Evans still holds yellow jersey as Tour heads for Alps

Updated: July 19, 2008, 8:44 PM ET
Associated Press

DIGNES-LES-BAINS, France -- Oscar Freire closed in on the sprint title at the Tour de France by winning Saturday's 14th stage, while Australia's Cadel Evans kept the yellow jersey in the doping-battered race.

The Spaniard prevailed in a mass sprint at the end of a hot, 120.9-mile ride from Nimes to Digne-les-Bains, a stage that featured small climbs in the last day before three punishing Alpine stages.

The race has been marred this year by three riders that were kicked out for doping violations -- notably young Italian star Riccardo Ricco, winner of two stages this year.

Freire, a 32-year-old Rabobank rider, collected his fourth Tour stage victory and his first this year with a time of 4 hours, 13 minutes, 8 seconds. He cemented his hold on the green jersey -- given to the Tour's best sprinter -- which had come under pressure from Mark Cavendish, who won the last two stages in sprints. But the British rider fell behind in the final climb up the L'Orme pass and missed out on the final sprint.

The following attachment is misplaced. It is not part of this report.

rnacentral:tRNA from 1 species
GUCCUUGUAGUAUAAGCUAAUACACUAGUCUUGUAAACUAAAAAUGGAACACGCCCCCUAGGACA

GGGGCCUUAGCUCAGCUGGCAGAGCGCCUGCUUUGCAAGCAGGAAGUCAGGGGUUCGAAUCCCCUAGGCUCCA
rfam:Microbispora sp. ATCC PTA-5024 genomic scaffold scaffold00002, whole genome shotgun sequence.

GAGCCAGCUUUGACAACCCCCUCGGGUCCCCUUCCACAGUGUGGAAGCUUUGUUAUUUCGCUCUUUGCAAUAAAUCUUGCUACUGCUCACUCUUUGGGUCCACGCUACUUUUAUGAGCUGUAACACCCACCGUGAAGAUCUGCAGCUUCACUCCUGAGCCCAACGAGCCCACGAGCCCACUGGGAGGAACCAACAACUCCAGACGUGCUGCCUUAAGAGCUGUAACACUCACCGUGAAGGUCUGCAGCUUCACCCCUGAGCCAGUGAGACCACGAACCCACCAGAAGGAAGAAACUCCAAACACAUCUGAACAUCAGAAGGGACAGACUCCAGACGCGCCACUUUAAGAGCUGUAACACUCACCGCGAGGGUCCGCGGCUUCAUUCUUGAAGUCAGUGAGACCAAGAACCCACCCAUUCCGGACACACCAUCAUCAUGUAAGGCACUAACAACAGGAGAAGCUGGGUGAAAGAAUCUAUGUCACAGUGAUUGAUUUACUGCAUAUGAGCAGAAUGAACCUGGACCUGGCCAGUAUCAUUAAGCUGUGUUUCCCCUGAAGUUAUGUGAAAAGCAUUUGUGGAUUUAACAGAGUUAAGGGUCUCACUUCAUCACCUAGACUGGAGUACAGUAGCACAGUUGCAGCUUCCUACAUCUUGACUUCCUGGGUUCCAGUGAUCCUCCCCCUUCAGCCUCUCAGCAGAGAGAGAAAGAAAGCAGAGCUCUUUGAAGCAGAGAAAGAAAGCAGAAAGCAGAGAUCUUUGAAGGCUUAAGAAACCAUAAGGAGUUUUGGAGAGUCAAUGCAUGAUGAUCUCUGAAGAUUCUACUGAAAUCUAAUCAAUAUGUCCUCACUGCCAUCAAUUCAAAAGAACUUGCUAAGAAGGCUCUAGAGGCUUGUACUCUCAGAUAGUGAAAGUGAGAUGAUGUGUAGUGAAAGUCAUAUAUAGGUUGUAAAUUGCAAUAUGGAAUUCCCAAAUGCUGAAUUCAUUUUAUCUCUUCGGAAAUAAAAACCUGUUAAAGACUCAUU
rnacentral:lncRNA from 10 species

Evans, the 31-year-old leader of the Silence Lotto team, held the overall lead for a fifth day. He defended a 1-second lead over Frank Schleck of Luxembourg and a 38-second gap on American rider Christian Vande Velde. The Alps are likely to shake up the leader board.

"I have to play a smart race," said Evans. "I have to use my head."

The latest doping-related blow hit the sport Saturday, when Barloworld said it will withdraw its cycling sponsorship after the race ends July 27.

The South African industrial conglomerate cited the "negative impact" on its brand of having one of its riders expelled from the Tour for doping. Moises Duenas Nevado of Spain tested positive for the banned blood-booster EPO this week.

In a statement Saturday, Barloworld said its team has "zero tolerance" on doping.

The race moves into Italy on Sunday, taking a 113.7-mile run from Embrun, France, to Prato Nevoso, Italy. The stage features the Agnel pass, a climb so tough it defies classification in cycling's ranking system, and an uphill finish.


Copyright 2008 by The Associated Press

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